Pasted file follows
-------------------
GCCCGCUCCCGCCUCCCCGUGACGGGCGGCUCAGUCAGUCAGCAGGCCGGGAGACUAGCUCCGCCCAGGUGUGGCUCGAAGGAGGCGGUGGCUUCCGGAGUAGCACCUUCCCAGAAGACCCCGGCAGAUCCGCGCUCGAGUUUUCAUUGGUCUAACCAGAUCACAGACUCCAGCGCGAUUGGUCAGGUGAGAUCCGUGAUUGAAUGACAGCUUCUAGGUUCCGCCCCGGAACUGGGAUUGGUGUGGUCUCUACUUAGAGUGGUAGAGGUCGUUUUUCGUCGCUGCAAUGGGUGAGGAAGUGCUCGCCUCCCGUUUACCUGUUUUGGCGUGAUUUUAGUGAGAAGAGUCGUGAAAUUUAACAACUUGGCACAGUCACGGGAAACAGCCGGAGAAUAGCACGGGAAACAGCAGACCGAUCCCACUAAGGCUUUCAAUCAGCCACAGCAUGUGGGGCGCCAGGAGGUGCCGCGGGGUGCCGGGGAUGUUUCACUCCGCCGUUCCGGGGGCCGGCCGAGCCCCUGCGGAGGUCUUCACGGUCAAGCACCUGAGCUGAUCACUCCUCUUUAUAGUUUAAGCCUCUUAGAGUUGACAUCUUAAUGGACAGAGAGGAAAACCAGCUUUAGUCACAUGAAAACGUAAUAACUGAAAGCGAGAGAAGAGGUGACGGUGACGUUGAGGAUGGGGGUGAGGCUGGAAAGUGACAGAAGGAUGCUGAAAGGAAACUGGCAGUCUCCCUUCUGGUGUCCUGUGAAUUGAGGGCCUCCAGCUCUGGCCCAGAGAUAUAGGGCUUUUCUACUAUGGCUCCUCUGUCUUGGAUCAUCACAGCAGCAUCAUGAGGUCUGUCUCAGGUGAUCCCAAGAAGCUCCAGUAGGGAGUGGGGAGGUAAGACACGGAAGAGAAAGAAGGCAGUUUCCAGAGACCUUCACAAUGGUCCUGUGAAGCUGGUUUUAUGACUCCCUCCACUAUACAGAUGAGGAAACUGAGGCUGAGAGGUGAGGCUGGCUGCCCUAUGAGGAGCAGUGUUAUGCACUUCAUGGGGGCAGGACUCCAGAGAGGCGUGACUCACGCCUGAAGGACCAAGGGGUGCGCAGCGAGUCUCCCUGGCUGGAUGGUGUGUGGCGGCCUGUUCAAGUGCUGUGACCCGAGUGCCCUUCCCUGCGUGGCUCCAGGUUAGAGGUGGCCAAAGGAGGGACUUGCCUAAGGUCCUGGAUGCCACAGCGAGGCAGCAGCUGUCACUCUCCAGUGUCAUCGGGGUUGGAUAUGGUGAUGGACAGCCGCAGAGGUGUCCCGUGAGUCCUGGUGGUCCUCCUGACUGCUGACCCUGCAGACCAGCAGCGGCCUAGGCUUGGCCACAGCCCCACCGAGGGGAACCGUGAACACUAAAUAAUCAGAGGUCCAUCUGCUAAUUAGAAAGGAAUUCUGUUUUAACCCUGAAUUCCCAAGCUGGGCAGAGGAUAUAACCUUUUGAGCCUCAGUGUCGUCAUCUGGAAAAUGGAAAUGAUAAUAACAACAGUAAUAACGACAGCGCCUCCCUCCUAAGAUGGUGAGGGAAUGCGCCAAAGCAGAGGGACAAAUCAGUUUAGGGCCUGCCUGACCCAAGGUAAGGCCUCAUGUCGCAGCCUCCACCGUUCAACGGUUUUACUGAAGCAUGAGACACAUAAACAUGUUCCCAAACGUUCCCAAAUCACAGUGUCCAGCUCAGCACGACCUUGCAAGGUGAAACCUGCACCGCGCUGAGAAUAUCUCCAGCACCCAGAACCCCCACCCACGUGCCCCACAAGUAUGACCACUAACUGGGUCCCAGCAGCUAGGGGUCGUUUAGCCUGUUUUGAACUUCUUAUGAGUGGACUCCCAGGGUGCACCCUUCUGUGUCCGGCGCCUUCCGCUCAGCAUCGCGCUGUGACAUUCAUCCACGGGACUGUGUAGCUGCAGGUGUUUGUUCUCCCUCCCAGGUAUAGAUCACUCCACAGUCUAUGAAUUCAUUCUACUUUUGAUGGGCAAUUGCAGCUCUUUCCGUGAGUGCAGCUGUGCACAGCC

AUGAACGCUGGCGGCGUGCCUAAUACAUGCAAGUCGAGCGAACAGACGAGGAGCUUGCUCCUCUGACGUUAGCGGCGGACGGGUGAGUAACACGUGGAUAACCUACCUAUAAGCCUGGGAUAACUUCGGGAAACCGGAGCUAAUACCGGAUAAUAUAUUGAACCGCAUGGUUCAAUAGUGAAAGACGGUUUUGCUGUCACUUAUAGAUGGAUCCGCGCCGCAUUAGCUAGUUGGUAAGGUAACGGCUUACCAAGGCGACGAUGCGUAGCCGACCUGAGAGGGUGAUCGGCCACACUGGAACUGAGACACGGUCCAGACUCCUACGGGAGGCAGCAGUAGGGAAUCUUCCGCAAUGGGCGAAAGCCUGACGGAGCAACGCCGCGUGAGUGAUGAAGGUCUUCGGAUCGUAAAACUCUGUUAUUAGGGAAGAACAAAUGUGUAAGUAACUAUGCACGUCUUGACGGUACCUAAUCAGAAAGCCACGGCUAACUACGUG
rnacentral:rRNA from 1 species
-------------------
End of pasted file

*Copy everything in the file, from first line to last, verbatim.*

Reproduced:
GCCCGCUCCCGCCUCCCCGUGACGGGCGGCUCAGUCAGUCAGCAGGCCGGGAGACUAGCUCCGCCCAGGUGUGGCUCGAAGGAGGCGGUGGCUUCCGGAGUAGCACCUUCCCAGAAGACCCCGGCAGAUCCGCGCUCGAGUUUUCAUUGGUCUAACCAGAUCACAGACUCCAGCGCGAUUGGUCAGGUGAGAUCCGUGAUUGAAUGACAGCUUCUAGGUUCCGCCCCGGAACUGGGAUUGGUGUGGUCUCUACUUAGAGUGGUAGAGGUCGUUUUUCGUCGCUGCAAUGGGUGAGGAAGUGCUCGCCUCCCGUUUACCUGUUUUGGCGUGAUUUUAGUGAGAAGAGUCGUGAAAUUUAACAACUUGGCACAGUCACGGGAAACAGCCGGAGAAUAGCACGGGAAACAGCAGACCGAUCCCACUAAGGCUUUCAAUCAGCCACAGCAUGUGGGGCGCCAGGAGGUGCCGCGGGGUGCCGGGGAUGUUUCACUCCGCCGUUCCGGGGGCCGGCCGAGCCCCUGCGGAGGUCUUCACGGUCAAGCACCUGAGCUGAUCACUCCUCUUUAUAGUUUAAGCCUCUUAGAGUUGACAUCUUAAUGGACAGAGAGGAAAACCAGCUUUAGUCACAUGAAAACGUAAUAACUGAAAGCGAGAGAAGAGGUGACGGUGACGUUGAGGAUGGGGGUGAGGCUGGAAAGUGACAGAAGGAUGCUGAAAGGAAACUGGCAGUCUCCCUUCUGGUGUCCUGUGAAUUGAGGGCCUCCAGCUCUGGCCCAGAGAUAUAGGGCUUUUCUACUAUGGCUCCUCUGUCUUGGAUCAUCACAGCAGCAUCAUGAGGUCUGUCUCAGGUGAUCCCAAGAAGCUCCAGUAGGGAGUGGGGAGGUAAGACACGGAAGAGAAAGAAGGCAGUUUCCAGAGACCUUCACAAUGGUCCUGUGAAGCUGGUUUUAUGACUCCCUCCACUAUACAGAUGAGGAAACUGAGGCUGAGAGGUGAGGCUGGCUGCCCUAUGAGGAGCAGUGUUAUGCACUUCAUGGGGGCAGGACUCCAGAGAGGCGUGACUCACGCCUGAAGGACCAAGGGGUGCGCAGCGAGUCUCCCUGGCUGGAUGGUGUGUGGCGGCCUGUUCAAGUGCUGUGACCCGAGUGCCCUUCCCUGCGUGGCUCCAGGUUAGAGGUGGCCAAAGGAGGGACUUGCCUAAGGUCCUGGAUGCCACAGCGAGGCAGCAGCUGUCACUCUCCAGUGUCAUCGGGGUUGGAUAUGGUGAUGGACAGCCGCAGAGGUGUCCCGUGAGUCCUGGUGGUCCUCCUGACUGCUGACCCUGCAGACCAGCAGCGGCCUAGGCUUGGCCACAGCCCCACCGAGGGGAACCGUGAACACUAAAUAAUCAGAGGUCCAUCUGCUAAUUAGAAAGGAAUUCUGUUUUAACCCUGAAUUCCCAAGCUGGGCAGAGGAUAUAACCUUUUGAGCCUCAGUGUCGUCAUCUGGAAAAUGGAAAUGAUAAUAACAACAGUAAUAACGACAGCGCCUCCCUCCUAAGAUGGUGAGGGAAUGCGCCAAAGCAGAGGGACAAAUCAGUUUAGGGCCUGCCUGACCCAAGGUAAGGCCUCAUGUCGCAGCCUCCACCGUUCAACGGUUUUACUGAAGCAUGAGACACAUAAACAUGUUCCCAAACGUUCCCAAAUCACAGUGUCCAGCUCAGCACGACCUUGCAAGGUGAAACCUGCACCGCGCUGAGAAUAUCUCCAGCACCCAGAACCCCCACCCACGUGCCCCACAAGUAUGACCACUAACUGGGUCCCAGCAGCUAGGGGUCGUUUAGCCUGUUUUGAACUUCUUAUGAGUGGACUCCCAGGGUGCACCCUUCUGUGUCCGGCGCCUUCCGCUCAGCAUCGCGCUGUGACAUUCAUCCACGGGACUGUGUAGCUGCAGGUGUUUGUUCUCCCUCCCAGGUAUAGAUCACUCCACAGUCUAUGAAUUCAUUCUACUUUUGAUGGGCAAUUGCAGCUCUUUCCGUGAGUGCAGCUGUGCACAGCC

AUGAACGCUGGCGGCGUGCCUAAUACAUGCAAGUCGAGCGAACAGACGAGGAGCUUGCUCCUCUGACGUUAGCGGCGGACGGGUGAGUAACACGUGGAUAACCUACCUAUAAGCCUGGGAUAACUUCGGGAAACCGGAGCUAAUACCGGAUAAUAUAUUGAACCGCAUGGUUCAAUAGUGAAAGACGGUUUUGCUGUCACUUAUAGAUGGAUCCGCGCCGCAUUAGCUAGUUGGUAAGGUAACGGCUUACCAAGGCGACGAUGCGUAGCCGACCUGAGAGGGUGAUCGGCCACACUGGAACUGAGACACGGUCCAGACUCCUACGGGAGGCAGCAGUAGGGAAUCUUCCGCAAUGGGCGAAAGCCUGACGGAGCAACGCCGCGUGAGUGAUGAAGGUCUUCGGAUCGUAAAACUCUGUUAUUAGGGAAGAACAAAUGUGUAAGUAACUAUGCACGUCUUGACGGUACCUAAUCAGAAAGCCACGGCUAACUACGUG
rnacentral:rRNA from 1 species